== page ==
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Charlie HeinAdministrator

Reged: 11/02/03

Loc: 26.06.08N, +80.23.08W
What’s Up Perseus (2)
      #5657654 - 02/02/13 07:32 AM

What’s Up Perseus (2)

By Steve Coe

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David A Rodger
professor emeritus

Reged: 08/12/03

Loc: North Vancouver, BC, Canada
Re: What’s Up Perseus (2) new [Re: Charlie Hein]
      #5659635 - 02/03/13 09:56 AM

Hi, Steve. With respect, I'd suggest that both the Crab nebula (M1) and the Owl (M97) seem fainter than M76 to my eyes. With an OIII filter I have little difficulty seeing the two components of M76 in my TeleVue NP-127 refractor, whereas M1 and M97 elude me. I'm observing from a light-polluted city sky, however, and I've seen all three easily from our dark-sky site about an hour's drive east of North Vancouver. I wish I had your Arizona sky!


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"Astronomical Tourist"

Reged: 04/24/04

Loc: Arizona, USA
Re: What’s Up Perseus (2) new [Re: David A Rodger]
      #5660979 - 02/04/13 12:20 AM


I was using the magnitudes as given by professional data. I know that is not the best for visual observing, but it is what we have. There is no scientific value for determining visual magnitudes, so unless a very wealthy amateur decides to take on providing that data, we are stuck with the numbers from the pros.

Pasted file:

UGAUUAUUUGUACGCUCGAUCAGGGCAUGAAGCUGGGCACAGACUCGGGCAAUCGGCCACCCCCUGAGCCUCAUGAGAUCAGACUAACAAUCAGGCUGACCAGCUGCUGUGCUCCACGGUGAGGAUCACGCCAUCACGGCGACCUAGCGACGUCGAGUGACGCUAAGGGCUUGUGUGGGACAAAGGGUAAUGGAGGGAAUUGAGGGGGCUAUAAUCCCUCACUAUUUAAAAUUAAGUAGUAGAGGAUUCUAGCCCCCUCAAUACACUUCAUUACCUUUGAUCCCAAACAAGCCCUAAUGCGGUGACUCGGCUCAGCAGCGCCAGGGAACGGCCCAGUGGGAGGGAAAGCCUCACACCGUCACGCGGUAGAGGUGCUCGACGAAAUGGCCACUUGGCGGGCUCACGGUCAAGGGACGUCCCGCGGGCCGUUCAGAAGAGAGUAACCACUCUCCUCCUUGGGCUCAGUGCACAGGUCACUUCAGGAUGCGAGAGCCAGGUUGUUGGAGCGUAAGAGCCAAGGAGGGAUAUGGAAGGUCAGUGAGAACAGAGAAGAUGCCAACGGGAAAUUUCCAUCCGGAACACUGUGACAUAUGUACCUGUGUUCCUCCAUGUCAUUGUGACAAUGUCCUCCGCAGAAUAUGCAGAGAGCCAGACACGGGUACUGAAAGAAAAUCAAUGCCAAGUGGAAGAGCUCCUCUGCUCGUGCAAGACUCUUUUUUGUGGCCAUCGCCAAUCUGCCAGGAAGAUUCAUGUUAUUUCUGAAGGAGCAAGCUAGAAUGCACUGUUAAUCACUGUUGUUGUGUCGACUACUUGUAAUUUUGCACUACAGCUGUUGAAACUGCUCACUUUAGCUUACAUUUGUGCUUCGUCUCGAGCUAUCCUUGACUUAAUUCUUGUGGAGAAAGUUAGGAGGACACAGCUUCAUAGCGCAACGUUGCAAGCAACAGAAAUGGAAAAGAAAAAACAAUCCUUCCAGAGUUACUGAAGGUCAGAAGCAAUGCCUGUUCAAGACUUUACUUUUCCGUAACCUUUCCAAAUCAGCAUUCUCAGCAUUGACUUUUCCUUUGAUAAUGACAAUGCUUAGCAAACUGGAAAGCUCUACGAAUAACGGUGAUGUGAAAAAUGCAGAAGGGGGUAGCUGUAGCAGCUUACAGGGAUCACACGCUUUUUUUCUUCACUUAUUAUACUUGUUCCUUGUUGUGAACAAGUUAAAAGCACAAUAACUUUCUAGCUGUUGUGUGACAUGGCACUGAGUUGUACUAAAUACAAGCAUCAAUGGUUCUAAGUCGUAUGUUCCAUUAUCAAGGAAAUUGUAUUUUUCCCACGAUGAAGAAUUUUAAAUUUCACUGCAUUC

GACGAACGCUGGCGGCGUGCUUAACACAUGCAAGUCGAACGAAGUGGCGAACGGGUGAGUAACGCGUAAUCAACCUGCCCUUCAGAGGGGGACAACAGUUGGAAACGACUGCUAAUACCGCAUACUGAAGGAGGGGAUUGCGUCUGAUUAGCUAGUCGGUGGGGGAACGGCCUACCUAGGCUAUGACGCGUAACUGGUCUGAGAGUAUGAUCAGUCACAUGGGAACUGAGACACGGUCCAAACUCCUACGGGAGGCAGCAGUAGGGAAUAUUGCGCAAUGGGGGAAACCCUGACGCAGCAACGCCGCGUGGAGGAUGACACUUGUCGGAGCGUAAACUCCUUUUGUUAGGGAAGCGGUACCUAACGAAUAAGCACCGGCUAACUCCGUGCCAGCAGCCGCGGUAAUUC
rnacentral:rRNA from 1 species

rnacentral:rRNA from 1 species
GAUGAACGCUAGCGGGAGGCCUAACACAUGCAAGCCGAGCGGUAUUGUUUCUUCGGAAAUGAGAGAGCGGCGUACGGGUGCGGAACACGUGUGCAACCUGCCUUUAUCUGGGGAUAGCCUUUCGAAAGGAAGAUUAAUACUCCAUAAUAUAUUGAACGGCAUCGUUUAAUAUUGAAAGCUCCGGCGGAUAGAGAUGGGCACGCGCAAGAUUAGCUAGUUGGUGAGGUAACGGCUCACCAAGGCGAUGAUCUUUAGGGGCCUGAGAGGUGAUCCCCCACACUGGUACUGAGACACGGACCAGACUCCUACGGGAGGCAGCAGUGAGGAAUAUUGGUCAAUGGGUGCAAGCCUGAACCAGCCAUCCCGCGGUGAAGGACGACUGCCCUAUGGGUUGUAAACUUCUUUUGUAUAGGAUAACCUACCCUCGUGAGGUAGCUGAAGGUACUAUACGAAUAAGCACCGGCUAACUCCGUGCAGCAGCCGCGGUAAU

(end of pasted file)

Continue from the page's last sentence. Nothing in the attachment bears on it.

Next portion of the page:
If you get a chance to make it down to AZ, we would love to have you come out and observe with us.

Clear skies;
Steve Coe

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David Knisely

Reged: 04/19/04

Loc: southeastern Nebraska
Re: What’s Up Perseus (2) new [Re: Charlie Hein]
      #5666097 - 02/06/13 09:54 PM Attachment (32 downloads)

Steve Coe wrote:


NGC 1023

For some time I owned a Celestron 9.25" SCT and I quickly found the observations I made with it were very similar to what I had seen in my Nexstar 11 GPS from years ago. But, one of the objects I did observe with the 9.25 inch was NGC 1023, a galaxy. With a 14mm eyepiece it was pretty bright, pretty small, elongated 2.5X1 and much brighter in the middle. Averted vision makes it larger and more prominent.

Using a 13.1" f/5.6 on a terrific night (S=8 T=9) over 100 miles from Phoenix this galaxy shows lots of internal detail. At 100X it is bright, large, very elongated 3X1 in PA 90 and much, much brighter middle. Raising the power to 220X brings out several brightenings in the outer arms (stars or H II regions?). Averted vision makes a huge difference in the length and thickness. The higher power also shows a very faint companion to the east.

Unfortunately, NGC 1023 doesn't really have much in the way of spiral detail. It is an SB0 galaxy and, other than a star-like nucleus and a well defined slightly brighter inner core region, does not show spiral arms. Even in my 14 inch Newtonian, the outer haze is fairly smooth in texture with no detail seen. The only exception is the very faint (14th magnitude) diffuse companion galaxy NGC 1023a which sits along the east-southeastern edge of the galaxy about 2.6 arc minutes east-southeast of NGC 1023's nucleus (P.A. 99 deg.). It appears as a very diffuse faint brightening which might be mistaken for a spiral arm if someone didn't know about it. There are no other nearby galaxies to NGC 1023 except for the 17th magnitude PGC 10169 which sits next to an 8th magnitude star (SAO 55779) east of NGC 1023. Below is an image Minnesota astrophotographer Rick Johnson took of the object in his 14 inch LX200R:

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